Skip to main content

Table 3 Functions and applications of exosomes in NEC

From: Stem cells and exosomes: promising candidates for necrotizing enterocolitis therapy

Exosome type Exosome origin Exosome isolation Exosome concentration Exosome administration Model Modeling methoda Main findings Mechanism Reference
AF-MSC-Ex Rat ExoQuick reagent / Intraperitoneal injection In vitro
In vivo
Ex vivo
Mouse pup with formula, exposure to hypoxia for 4 days and oral LPS injection (4 mg/kg for 2 days) AF-MSC-Exs increase cellular proliferation, reduce inflammation, and regenerate a normal epithelium.
AF-MSC-Exs attenuate NEC intestinal injury via activating the Wnt signaling pathway.
Wnt/β-catenin (ISCs) [28]
BM-MSC-Ex Mouse Serial centrifugation (in vitro)
PureExo Exosome Isolation kit (in vivo)
~ 2.5 ×109 exosomes/50 μL Intraperitoneal injection In vitro
In vivo
Mouse pup with formula, hypoxia (100% N2, 1.5 min, bid for 4 days) and hypothermia (4 °C, 10 min, bid for 4 days) BM-MSC-Exs increase wound healing in vitro.
BM-MSC-Exs significantly lower gut permeability and the incidence of NEC in vivo.
/ [43]
AF-MSC-Ex Rat Ultra-centrifugation 4 × 108 exosomes/50 μL Intraperitoneal injection In vivo Rat pups with formula, hypoxia (100% N2, 1.5 min, tid for 4 days) and hypothermia (4 °C, 10 min, tid for 4 days) BM-MSC-Exs, AF-MSC-Exs, amniotic fluid-derived NSC-Exs and enteric NSC-Exs demonstrate equivalent reductions in NEC incidence.
Stem cell-derived exosomes are equivalent to stem cells in NEC therapy.
/ [44]
BM-MSC-Ex
NSC-Ex (amniotic fluid-derived)
NSC-Ex (enteric)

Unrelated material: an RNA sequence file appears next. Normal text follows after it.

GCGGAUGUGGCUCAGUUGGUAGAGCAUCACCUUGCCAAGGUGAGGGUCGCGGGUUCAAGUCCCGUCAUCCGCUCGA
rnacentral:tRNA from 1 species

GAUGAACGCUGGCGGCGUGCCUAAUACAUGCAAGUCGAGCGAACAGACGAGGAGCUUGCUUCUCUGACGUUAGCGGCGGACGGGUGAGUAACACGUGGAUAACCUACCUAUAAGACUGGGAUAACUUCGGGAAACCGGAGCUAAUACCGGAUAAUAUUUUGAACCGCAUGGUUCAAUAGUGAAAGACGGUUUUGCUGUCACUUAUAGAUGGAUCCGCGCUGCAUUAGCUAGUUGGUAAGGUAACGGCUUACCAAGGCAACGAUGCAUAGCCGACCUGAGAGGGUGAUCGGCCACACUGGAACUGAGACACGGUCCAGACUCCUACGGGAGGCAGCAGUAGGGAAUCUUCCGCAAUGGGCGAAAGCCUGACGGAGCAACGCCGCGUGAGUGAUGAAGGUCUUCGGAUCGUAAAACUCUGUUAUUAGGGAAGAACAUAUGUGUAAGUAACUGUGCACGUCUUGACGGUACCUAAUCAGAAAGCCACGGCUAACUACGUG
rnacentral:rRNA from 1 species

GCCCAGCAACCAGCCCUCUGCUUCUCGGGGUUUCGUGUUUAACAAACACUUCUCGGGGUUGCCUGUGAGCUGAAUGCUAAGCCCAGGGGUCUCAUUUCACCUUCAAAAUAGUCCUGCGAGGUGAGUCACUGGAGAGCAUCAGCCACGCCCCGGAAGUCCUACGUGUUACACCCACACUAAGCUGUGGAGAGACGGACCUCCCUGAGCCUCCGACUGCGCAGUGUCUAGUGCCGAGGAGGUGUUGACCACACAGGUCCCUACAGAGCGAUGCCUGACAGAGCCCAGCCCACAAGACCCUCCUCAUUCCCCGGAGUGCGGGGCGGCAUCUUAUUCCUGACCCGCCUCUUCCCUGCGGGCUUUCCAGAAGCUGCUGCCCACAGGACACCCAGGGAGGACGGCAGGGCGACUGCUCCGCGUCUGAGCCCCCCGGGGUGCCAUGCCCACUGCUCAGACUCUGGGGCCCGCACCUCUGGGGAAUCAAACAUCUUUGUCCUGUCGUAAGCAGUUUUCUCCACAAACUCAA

HM-Ex Human Ultra-centrifugation 0–10 μg / In vitro / HM-Exs reduce oxidative stress-related injury on intestinal epithelial cells. / [45]
HM-Ex Human Serial centrifugation 0.1 μg/μL / Ex vivo / HM-Exs derived from colostrum, transitional or mature human milk prevent inflammatory injury.
HM-Exs derived from colostrum are most effective in decreasing inflammatory cytokine.
/ [46]
HM-Ex Human Ultra-centrifugation 200 μg/mL Gavage In vivo Rat pups with formula and hypoxia (5% O2, 75% N2, 5 min, bid for 4 days) HM-Exs promote the proliferation and migration of intestinal epithelial cells both in vitro and in vivo.
Peptidomic differences between preterm and term milk exosomes are revealed.
/ [47]
HM-Ex Human Ultra-centrifugation 0–1 × 108 exosomes/100 μL Intraperitoneal injection
Gavage
In vitro
In vivo
Rat pups with formula, hypoxia (< 1.5% O2, 1.5 min, tid for 4 days), hypothermia (4 °C, 10 min, tid for 4 days) and LPS (2 mg/kg, day 1) HM-Exs increase the proliferation and decrease the apoptosis of intestinal epithelial cells.
HM-Exs administered intraperitoneally or enterally decrease NEC incidence.
HM-Ex enteral administration has better effects.
/ [48]
HM-Ex Human Ultra-centrifugation 1.15–1.19 g/mL Gavage Ex vivo
In vivo
Mouse pups with formula, hypoxia (5% O2, 10 min, tid for 5 days) and LPS (4 mg/kg, qd for 5 days) HM-Exs reduce inflammation and improve mucus production in vivo.
HM-Exs decrease inflammation in hypoxia and LPS-treated intestinal organoids.
Pasteurized HM-Exs are as effective as raw HM-Exs.
/ [49]
HM-Ex Human ExoQuick reagent 0.5 mg/mL / In vitro / HM-Exs upregulate Wnt/β-catenin signaling in ISCs and increase cell viability under H2O2 exposure compared to the control group. Wnt/β-catenin (ISCs) [50]
PM-Ex Pig Ultra-centrifugation 0.037 mg/μL Gavage In vitro
In vivo
Mouse pups with LPS (7.5 mg/kg, qd for 7 days) PM-Exs inhibit intestinal epithelial cell apoptosis and decrease TLR4/NF-κB signaling through miRNAs in vitro.
PM-Exs prevent LPS-induced intestinal injury and inflammation in vivo.
miRNAs (miR-4334, -219, -338) [51]
BovM-Ex Cow Ultra-centrifugation 1 μg/μL Gavage In vitro
In vivo
Mouse pups with formula, hypoxia (5% O2, 10 min, tid for 5 days) and LPS (4 mg/kg, day 6 and 7) BovM-Exs promote goblet cell and endoplasmic reticulum chaperone protein expression both in vitro and in vivo, which increases mucus production and protect the intestine. TFF3, MUC2 (goblet cell), and GRP94 (endoplasmic reticulum) [52]
  1. aModeling methods for in vivo studies